It’s no surprise that we all feel the need to get more sleep. However, for some people who feel tired all the time, it may be a sign of a bigger problem. If the urge to sleep during the day is overwhelming and irresistible, it may be excessive daytime sleepiness (EDS).
Roughly 20 percent of Americans have EDS. It is one of the most common complaints people make to a sleep specialist and a symptom that can be seen in a variety of sleep disorders. Being able to recognize the difference between normal sleepiness and EDS is important to your health, but more than 60 percent of Americans find it difficult to do, according to a new survey of 3,000 people conducted by Jazz Pharmaceuticals.
“Occasionally feeling tired is normal,” says Dr. Raj Dasgupta, pulmonary and sleep specialist at the University of Southern California’s Keck School of Medicine. “People with EDS have a hard time staying awake or alert during the day and may doze off during inappropriate times such as during meals, in the middle of a conversation or even when in a car stopped for a few minutes in traffic.”
EDS is a hallmark symptom of narcolepsy. Not everyone who has EDS has narcolepsy, but everyone who has narcolepsy has EDS. Narcolepsy affects approximately 1 in 2,000 Americans. It is a chronic neurological disorder in which the brain can’t control sleep-wake cycles normally. A narcolepsy diagnosis can be tricky because many disorders, such as depression, insomnia and sleep apnea, have some of the same symptoms. This may be why it is estimated that half of those with narcolepsy are undiagnosed.
Narcolepsy has five major symptoms, but you don’t need to experience them all to have it.
The survey also revealed that a majority of Americans don’t feel they know enough about sleep disorders. Less than 50 percent report being familiar with narcolepsy and only 70 percent report being familiar with sleep apnea. Approximately 60 percent of Americans said that they find it difficult to know when they need to talk to a doctor about daytime sleepiness.
Dasgupta adds, “If you’re having trouble staying awake during the day or experiencing other sleep-related problems, it may be time to talk to your doctor.”
When it comes to maintaining and/or improving your heart health, it's the little things you do day after day that can have a big impact on your immediate and long-term health.
A healthy diet and plenty of exercise are naturally the first things you think of when looking at ways to support your body's most important muscle, but to really make your heart health initiatives as effective as possible, you need long-term solutions, not quick fixes.
The American Heart Association (AHA) has long been at the forefront of heart healthy initiatives, and this year's Life is Why We Give (TM) campaign is drawing support from people and companies - like Pilot Flying J - all across the nation. In order to help you live a healthier life in 2018, follow these seven heart-healthy tips today.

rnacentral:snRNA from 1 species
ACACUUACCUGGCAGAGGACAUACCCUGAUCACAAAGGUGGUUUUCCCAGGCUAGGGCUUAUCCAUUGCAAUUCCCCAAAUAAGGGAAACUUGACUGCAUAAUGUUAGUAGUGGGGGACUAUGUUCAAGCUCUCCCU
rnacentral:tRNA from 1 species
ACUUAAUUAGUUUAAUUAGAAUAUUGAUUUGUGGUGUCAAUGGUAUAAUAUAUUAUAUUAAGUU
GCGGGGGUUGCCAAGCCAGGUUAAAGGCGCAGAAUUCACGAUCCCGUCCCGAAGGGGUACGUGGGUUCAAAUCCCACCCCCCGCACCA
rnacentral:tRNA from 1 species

1. Be careful of what you snack on between meals. High-fat and high-sugar snacks are popular, but ultimately unhealthy. Opt for fresh instead of processed and choose fresh fruits and vegetables for your snacks between meals.
2. Don't just drink the drink. Your beverage choices could add unnecessary fats and sugar to your diet, so choose low-sugar and no-sugar alternatives as well as low-fat milk or cream for your coffee. This way you'll avoid drinking empty calories.
3. Avoid ordering before-the-meal extras. Cocktails, appetizers, even bread and butter are all sources of extra fat, sodium and calories. Cut them out and your calorie intake will drop - and so will your bill.
4. On the side, please. Ask for butter, cream cheese, salad dressings, sauces and gravies to be served on the side when you dine out. This allows you to better control the quantity you consume.
5. Explore your options. When ordering fish or chicken, avoid fried whenever possible. Choose boiled, baked or grilled options instead for a healthier alternative.
6. Think small. Cutting back on portion sizes is a great place to start eating healthier, so don't be afraid to ask for a smaller serving when you dine out. If smaller portions aren't available, ask for a to-go box when you order and place the rest of your entrée in the box to eat later.
7. Make a healthy substitution. Often a healthier choice is available for nearly any dish. For example, if you order an item that naturally comes with French fries or onion rings, ask whether you can get a side of fruit or vegetables instead. It may cost you more, but the switch is certainly worth it.
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